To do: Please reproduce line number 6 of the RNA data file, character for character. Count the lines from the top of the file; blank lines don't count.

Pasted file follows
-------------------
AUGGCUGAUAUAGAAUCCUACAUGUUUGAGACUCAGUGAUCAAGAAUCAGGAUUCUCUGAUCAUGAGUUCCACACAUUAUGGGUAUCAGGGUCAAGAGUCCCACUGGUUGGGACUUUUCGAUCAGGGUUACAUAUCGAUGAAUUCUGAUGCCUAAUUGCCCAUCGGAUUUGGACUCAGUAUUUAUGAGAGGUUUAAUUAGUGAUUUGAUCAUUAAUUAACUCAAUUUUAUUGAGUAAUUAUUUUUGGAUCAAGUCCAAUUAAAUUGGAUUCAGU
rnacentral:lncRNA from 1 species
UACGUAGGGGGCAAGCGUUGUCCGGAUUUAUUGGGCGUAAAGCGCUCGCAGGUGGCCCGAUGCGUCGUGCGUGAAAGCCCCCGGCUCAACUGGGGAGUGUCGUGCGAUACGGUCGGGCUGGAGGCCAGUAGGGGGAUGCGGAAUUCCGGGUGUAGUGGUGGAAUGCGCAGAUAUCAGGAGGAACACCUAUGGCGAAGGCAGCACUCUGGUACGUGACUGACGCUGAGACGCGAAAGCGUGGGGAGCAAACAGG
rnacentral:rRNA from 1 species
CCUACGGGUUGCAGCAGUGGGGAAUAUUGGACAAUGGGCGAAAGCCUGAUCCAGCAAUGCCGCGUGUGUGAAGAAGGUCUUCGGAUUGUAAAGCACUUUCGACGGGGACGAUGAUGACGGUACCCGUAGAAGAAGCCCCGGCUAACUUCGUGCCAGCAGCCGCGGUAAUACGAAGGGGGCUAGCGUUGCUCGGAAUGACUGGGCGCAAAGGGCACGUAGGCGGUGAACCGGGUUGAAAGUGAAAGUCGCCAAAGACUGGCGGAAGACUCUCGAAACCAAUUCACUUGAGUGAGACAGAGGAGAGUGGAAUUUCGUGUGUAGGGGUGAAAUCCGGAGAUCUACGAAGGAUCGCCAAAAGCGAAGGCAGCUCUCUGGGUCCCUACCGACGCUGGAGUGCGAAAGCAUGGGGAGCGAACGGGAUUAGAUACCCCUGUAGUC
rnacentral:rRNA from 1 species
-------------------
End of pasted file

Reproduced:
rnacentral:rRNA from 1 species